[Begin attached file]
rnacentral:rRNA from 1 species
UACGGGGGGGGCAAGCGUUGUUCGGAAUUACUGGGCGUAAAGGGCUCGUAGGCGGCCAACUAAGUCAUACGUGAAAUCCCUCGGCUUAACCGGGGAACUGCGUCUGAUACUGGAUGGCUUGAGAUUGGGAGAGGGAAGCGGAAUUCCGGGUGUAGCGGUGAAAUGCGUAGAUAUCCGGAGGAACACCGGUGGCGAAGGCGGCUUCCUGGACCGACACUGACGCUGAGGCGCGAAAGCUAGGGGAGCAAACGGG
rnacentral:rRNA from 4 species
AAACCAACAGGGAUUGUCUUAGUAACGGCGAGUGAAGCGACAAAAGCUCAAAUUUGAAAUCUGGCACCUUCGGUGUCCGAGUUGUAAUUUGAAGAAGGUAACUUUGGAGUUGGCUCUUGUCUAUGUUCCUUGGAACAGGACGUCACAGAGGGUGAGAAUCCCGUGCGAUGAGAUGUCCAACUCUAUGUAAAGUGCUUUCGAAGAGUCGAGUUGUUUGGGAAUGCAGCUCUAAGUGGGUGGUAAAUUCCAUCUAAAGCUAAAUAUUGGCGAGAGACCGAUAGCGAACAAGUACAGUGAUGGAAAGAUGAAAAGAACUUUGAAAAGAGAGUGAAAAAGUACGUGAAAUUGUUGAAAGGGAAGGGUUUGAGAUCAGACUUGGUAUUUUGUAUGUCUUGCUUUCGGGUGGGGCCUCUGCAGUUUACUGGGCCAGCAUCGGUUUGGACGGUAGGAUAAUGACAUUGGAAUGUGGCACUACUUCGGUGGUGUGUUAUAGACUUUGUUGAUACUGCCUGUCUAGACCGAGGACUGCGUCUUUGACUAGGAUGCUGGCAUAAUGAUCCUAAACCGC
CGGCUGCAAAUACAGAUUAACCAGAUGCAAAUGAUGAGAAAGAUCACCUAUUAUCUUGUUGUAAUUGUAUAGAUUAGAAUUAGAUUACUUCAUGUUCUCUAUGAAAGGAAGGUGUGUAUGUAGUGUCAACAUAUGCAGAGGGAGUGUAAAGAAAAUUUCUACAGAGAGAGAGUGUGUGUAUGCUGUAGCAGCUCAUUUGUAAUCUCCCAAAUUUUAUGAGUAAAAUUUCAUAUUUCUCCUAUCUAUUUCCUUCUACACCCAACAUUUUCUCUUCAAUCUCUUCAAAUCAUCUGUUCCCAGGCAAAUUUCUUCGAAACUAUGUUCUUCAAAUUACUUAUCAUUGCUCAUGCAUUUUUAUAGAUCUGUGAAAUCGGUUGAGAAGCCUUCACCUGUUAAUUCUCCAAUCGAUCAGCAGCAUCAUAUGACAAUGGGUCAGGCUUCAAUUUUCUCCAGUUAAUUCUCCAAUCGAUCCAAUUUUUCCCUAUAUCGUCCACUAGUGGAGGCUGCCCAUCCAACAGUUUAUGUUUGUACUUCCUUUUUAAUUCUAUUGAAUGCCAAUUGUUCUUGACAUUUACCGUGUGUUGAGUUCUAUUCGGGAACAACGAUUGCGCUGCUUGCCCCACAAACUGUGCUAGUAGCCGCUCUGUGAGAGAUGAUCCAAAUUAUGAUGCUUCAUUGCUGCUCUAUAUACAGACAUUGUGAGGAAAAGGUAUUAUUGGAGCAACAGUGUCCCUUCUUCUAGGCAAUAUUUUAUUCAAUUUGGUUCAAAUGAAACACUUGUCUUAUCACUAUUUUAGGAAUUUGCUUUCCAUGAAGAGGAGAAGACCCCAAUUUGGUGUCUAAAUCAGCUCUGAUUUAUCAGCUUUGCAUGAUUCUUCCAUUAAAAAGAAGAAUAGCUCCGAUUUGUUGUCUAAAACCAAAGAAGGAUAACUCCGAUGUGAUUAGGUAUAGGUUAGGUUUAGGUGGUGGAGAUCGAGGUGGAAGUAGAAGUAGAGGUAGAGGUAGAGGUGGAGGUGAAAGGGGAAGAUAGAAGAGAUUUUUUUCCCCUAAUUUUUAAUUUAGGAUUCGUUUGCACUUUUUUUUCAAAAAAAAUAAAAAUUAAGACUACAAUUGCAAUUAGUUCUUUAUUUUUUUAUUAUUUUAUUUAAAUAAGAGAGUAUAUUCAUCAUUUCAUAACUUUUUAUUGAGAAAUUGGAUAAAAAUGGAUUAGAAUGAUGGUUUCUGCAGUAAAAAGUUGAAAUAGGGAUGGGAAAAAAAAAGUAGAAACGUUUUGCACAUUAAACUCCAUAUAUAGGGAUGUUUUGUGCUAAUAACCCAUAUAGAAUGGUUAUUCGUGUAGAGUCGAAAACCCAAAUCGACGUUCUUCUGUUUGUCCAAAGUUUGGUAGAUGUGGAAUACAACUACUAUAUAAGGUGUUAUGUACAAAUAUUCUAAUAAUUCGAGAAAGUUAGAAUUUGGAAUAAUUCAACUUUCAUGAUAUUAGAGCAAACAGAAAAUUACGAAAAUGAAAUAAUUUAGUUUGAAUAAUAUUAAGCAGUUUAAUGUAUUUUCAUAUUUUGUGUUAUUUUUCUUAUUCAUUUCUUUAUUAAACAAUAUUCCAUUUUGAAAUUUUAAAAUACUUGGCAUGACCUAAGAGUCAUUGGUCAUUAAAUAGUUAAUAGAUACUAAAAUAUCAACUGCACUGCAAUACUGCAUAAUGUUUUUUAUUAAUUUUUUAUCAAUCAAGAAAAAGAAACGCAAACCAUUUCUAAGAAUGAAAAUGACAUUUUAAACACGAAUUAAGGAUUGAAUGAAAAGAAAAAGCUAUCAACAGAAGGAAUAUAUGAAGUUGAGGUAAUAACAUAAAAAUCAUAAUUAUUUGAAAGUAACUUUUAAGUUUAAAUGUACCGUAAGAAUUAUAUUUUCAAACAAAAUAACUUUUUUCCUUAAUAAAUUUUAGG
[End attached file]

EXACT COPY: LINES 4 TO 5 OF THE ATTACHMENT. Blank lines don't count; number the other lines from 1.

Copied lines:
AAACCAACAGGGAUUGUCUUAGUAACGGCGAGUGAAGCGACAAAAGCUCAAAUUUGAAAUCUGGCACCUUCGGUGUCCGAGUUGUAAUUUGAAGAAGGUAACUUUGGAGUUGGCUCUUGUCUAUGUUCCUUGGAACAGGACGUCACAGAGGGUGAGAAUCCCGUGCGAUGAGAUGUCCAACUCUAUGUAAAGUGCUUUCGAAGAGUCGAGUUGUUUGGGAAUGCAGCUCUAAGUGGGUGGUAAAUUCCAUCUAAAGCUAAAUAUUGGCGAGAGACCGAUAGCGAACAAGUACAGUGAUGGAAAGAUGAAAAGAACUUUGAAAAGAGAGUGAAAAAGUACGUGAAAUUGUUGAAAGGGAAGGGUUUGAGAUCAGACUUGGUAUUUUGUAUGUCUUGCUUUCGGGUGGGGCCUCUGCAGUUUACUGGGCCAGCAUCGGUUUGGACGGUAGGAUAAUGACAUUGGAAUGUGGCACUACUUCGGUGGUGUGUUAUAGACUUUGUUGAUACUGCCUGUCUAGACCGAGGACUGCGUCUUUGACUAGGAUGCUGGCAUAAUGAUCCUAAACCGC
CGGCUGCAAAUACAGAUUAACCAGAUGCAAAUGAUGAGAAAGAUCACCUAUUAUCUUGUUGUAAUUGUAUAGAUUAGAAUUAGAUUACUUCAUGUUCUCUAUGAAAGGAAGGUGUGUAUGUAGUGUCAACAUAUGCAGAGGGAGUGUAAAGAAAAUUUCUACAGAGAGAGAGUGUGUGUAUGCUGUAGCAGCUCAUUUGUAAUCUCCCAAAUUUUAUGAGUAAAAUUUCAUAUUUCUCCUAUCUAUUUCCUUCUACACCCAACAUUUUCUCUUCAAUCUCUUCAAAUCAUCUGUUCCCAGGCAAAUUUCUUCGAAACUAUGUUCUUCAAAUUACUUAUCAUUGCUCAUGCAUUUUUAUAGAUCUGUGAAAUCGGUUGAGAAGCCUUCACCUGUUAAUUCUCCAAUCGAUCAGCAGCAUCAUAUGACAAUGGGUCAGGCUUCAAUUUUCUCCAGUUAAUUCUCCAAUCGAUCCAAUUUUUCCCUAUAUCGUCCACUAGUGGAGGCUGCCCAUCCAACAGUUUAUGUUUGUACUUCCUUUUUAAUUCUAUUGAAUGCCAAUUGUUCUUGACAUUUACCGUGUGUUGAGUUCUAUUCGGGAACAACGAUUGCGCUGCUUGCCCCACAAACUGUGCUAGUAGCCGCUCUGUGAGAGAUGAUCCAAAUUAUGAUGCUUCAUUGCUGCUCUAUAUACAGACAUUGUGAGGAAAAGGUAUUAUUGGAGCAACAGUGUCCCUUCUUCUAGGCAAUAUUUUAUUCAAUUUGGUUCAAAUGAAACACUUGUCUUAUCACUAUUUUAGGAAUUUGCUUUCCAUGAAGAGGAGAAGACCCCAAUUUGGUGUCUAAAUCAGCUCUGAUUUAUCAGCUUUGCAUGAUUCUUCCAUUAAAAAGAAGAAUAGCUCCGAUUUGUUGUCUAAAACCAAAGAAGGAUAACUCCGAUGUGAUUAGGUAUAGGUUAGGUUUAGGUGGUGGAGAUCGAGGUGGAAGUAGAAGUAGAGGUAGAGGUAGAGGUGGAGGUGAAAGGGGAAGAUAGAAGAGAUUUUUUUCCCCUAAUUUUUAAUUUAGGAUUCGUUUGCACUUUUUUUUCAAAAAAAAUAAAAAUUAAGACUACAAUUGCAAUUAGUUCUUUAUUUUUUUAUUAUUUUAUUUAAAUAAGAGAGUAUAUUCAUCAUUUCAUAACUUUUUAUUGAGAAAUUGGAUAAAAAUGGAUUAGAAUGAUGGUUUCUGCAGUAAAAAGUUGAAAUAGGGAUGGGAAAAAAAAAGUAGAAACGUUUUGCACAUUAAACUCCAUAUAUAGGGAUGUUUUGUGCUAAUAACCCAUAUAGAAUGGUUAUUCGUGUAGAGUCGAAAACCCAAAUCGACGUUCUUCUGUUUGUCCAAAGUUUGGUAGAUGUGGAAUACAACUACUAUAUAAGGUGUUAUGUACAAAUAUUCUAAUAAUUCGAGAAAGUUAGAAUUUGGAAUAAUUCAACUUUCAUGAUAUUAGAGCAAACAGAAAAUUACGAAAAUGAAAUAAUUUAGUUUGAAUAAUAUUAAGCAGUUUAAUGUAUUUUCAUAUUUUGUGUUAUUUUUCUUAUUCAUUUCUUUAUUAAACAAUAUUCCAUUUUGAAAUUUUAAAAUACUUGGCAUGACCUAAGAGUCAUUGGUCAUUAAAUAGUUAAUAGAUACUAAAAUAUCAACUGCACUGCAAUACUGCAUAAUGUUUUUUAUUAAUUUUUUAUCAAUCAAGAAAAAGAAACGCAAACCAUUUCUAAGAAUGAAAAUGACAUUUUAAACACGAAUUAAGGAUUGAAUGAAAAGAAAAAGCUAUCAACAGAAGGAAUAUAUGAAGUUGAGGUAAUAACAUAAAAAUCAUAAUUAUUUGAAAGUAACUUUUAAGUUUAAAUGUACCGUAAGAAUUAUAUUUUCAAACAAAAUAACUUUUUUCCUUAAUAAAUUUUAGG